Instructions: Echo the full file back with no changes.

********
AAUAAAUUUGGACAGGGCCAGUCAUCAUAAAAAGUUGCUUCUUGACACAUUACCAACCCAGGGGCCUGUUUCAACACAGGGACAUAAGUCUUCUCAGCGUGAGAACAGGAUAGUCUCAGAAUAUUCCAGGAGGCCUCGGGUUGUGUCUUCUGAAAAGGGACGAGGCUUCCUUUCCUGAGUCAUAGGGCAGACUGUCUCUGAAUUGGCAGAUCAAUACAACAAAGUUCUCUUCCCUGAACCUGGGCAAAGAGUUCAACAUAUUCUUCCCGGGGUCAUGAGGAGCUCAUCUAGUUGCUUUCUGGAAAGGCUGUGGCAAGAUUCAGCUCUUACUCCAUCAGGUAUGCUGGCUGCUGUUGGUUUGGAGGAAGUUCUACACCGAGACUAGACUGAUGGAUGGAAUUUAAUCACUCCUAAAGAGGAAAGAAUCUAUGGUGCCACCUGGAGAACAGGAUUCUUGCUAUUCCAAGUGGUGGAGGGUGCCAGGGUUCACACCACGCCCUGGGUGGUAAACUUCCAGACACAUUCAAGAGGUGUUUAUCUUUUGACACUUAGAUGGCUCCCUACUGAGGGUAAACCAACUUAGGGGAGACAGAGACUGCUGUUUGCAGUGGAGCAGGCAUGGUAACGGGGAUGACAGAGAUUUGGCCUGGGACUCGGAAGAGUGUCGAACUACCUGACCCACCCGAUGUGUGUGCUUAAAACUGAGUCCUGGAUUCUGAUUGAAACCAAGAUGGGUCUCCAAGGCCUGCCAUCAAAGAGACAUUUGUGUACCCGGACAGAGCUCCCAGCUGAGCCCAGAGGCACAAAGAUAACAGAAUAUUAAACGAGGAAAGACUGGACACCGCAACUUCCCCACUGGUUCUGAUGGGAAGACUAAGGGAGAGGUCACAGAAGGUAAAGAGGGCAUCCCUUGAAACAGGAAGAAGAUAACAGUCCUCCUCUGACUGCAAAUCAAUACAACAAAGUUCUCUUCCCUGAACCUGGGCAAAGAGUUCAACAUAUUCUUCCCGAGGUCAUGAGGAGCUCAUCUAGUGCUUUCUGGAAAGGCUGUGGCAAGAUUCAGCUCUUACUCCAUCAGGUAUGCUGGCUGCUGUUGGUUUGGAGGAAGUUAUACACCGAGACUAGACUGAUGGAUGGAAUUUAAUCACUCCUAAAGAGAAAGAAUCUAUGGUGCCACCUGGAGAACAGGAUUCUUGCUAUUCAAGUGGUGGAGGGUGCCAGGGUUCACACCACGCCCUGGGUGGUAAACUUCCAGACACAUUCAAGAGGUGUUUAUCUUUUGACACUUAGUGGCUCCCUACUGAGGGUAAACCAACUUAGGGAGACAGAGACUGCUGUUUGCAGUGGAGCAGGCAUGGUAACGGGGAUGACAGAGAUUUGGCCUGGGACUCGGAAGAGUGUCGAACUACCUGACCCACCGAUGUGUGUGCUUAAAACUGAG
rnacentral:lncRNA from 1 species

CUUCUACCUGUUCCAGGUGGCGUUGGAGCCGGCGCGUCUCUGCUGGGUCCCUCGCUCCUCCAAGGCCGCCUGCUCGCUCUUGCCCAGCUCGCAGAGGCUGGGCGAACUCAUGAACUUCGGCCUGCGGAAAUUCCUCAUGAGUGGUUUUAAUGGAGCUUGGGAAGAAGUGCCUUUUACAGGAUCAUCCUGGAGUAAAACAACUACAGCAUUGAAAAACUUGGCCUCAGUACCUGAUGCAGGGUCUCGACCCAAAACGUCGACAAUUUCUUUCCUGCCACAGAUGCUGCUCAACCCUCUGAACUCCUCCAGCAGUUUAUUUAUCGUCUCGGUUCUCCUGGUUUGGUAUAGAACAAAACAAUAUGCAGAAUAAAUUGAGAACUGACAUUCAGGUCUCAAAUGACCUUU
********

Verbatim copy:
AAUAAAUUUGGACAGGGCCAGUCAUCAUAAAAAGUUGCUUCUUGACACAUUACCAACCCAGGGGCCUGUUUCAACACAGGGACAUAAGUCUUCUCAGCGUGAGAACAGGAUAGUCUCAGAAUAUUCCAGGAGGCCUCGGGUUGUGUCUUCUGAAAAGGGACGAGGCUUCCUUUCCUGAGUCAUAGGGCAGACUGUCUCUGAAUUGGCAGAUCAAUACAACAAAGUUCUCUUCCCUGAACCUGGGCAAAGAGUUCAACAUAUUCUUCCCGGGGUCAUGAGGAGCUCAUCUAGUUGCUUUCUGGAAAGGCUGUGGCAAGAUUCAGCUCUUACUCCAUCAGGUAUGCUGGCUGCUGUUGGUUUGGAGGAAGUUCUACACCGAGACUAGACUGAUGGAUGGAAUUUAAUCACUCCUAAAGAGGAAAGAAUCUAUGGUGCCACCUGGAGAACAGGAUUCUUGCUAUUCCAAGUGGUGGAGGGUGCCAGGGUUCACACCACGCCCUGGGUGGUAAACUUCCAGACACAUUCAAGAGGUGUUUAUCUUUUGACACUUAGAUGGCUCCCUACUGAGGGUAAACCAACUUAGGGGAGACAGAGACUGCUGUUUGCAGUGGAGCAGGCAUGGUAACGGGGAUGACAGAGAUUUGGCCUGGGACUCGGAAGAGUGUCGAACUACCUGACCCACCCGAUGUGUGUGCUUAAAACUGAGUCCUGGAUUCUGAUUGAAACCAAGAUGGGUCUCCAAGGCCUGCCAUCAAAGAGACAUUUGUGUACCCGGACAGAGCUCCCAGCUGAGCCCAGAGGCACAAAGAUAACAGAAUAUUAAACGAGGAAAGACUGGACACCGCAACUUCCCCACUGGUUCUGAUGGGAAGACUAAGGGAGAGGUCACAGAAGGUAAAGAGGGCAUCCCUUGAAACAGGAAGAAGAUAACAGUCCUCCUCUGACUGCAAAUCAAUACAACAAAGUUCUCUUCCCUGAACCUGGGCAAAGAGUUCAACAUAUUCUUCCCGAGGUCAUGAGGAGCUCAUCUAGUGCUUUCUGGAAAGGCUGUGGCAAGAUUCAGCUCUUACUCCAUCAGGUAUGCUGGCUGCUGUUGGUUUGGAGGAAGUUAUACACCGAGACUAGACUGAUGGAUGGAAUUUAAUCACUCCUAAAGAGAAAGAAUCUAUGGUGCCACCUGGAGAACAGGAUUCUUGCUAUUCAAGUGGUGGAGGGUGCCAGGGUUCACACCACGCCCUGGGUGGUAAACUUCCAGACACAUUCAAGAGGUGUUUAUCUUUUGACACUUAGUGGCUCCCUACUGAGGGUAAACCAACUUAGGGAGACAGAGACUGCUGUUUGCAGUGGAGCAGGCAUGGUAACGGGGAUGACAGAGAUUUGGCCUGGGACUCGGAAGAGUGUCGAACUACCUGACCCACCGAUGUGUGUGCUUAAAACUGAG
rnacentral:lncRNA from 1 species

CUUCUACCUGUUCCAGGUGGCGUUGGAGCCGGCGCGUCUCUGCUGGGUCCCUCGCUCCUCCAAGGCCGCCUGCUCGCUCUUGCCCAGCUCGCAGAGGCUGGGCGAACUCAUGAACUUCGGCCUGCGGAAAUUCCUCAUGAGUGGUUUUAAUGGAGCUUGGGAAGAAGUGCCUUUUACAGGAUCAUCCUGGAGUAAAACAACUACAGCAUUGAAAAACUUGGCCUCAGUACCUGAUGCAGGGUCUCGACCCAAAACGUCGACAAUUUCUUUCCUGCCACAGAUGCUGCUCAACCCUCUGAACUCCUCCAGCAGUUUAUUUAUCGUCUCGGUUCUCCUGGUUUGGUAUAGAACAAAACAAUAUGCAGAAUAAAUUGAGAACUGACAUUCAGGUCUCAAAUGACCUUU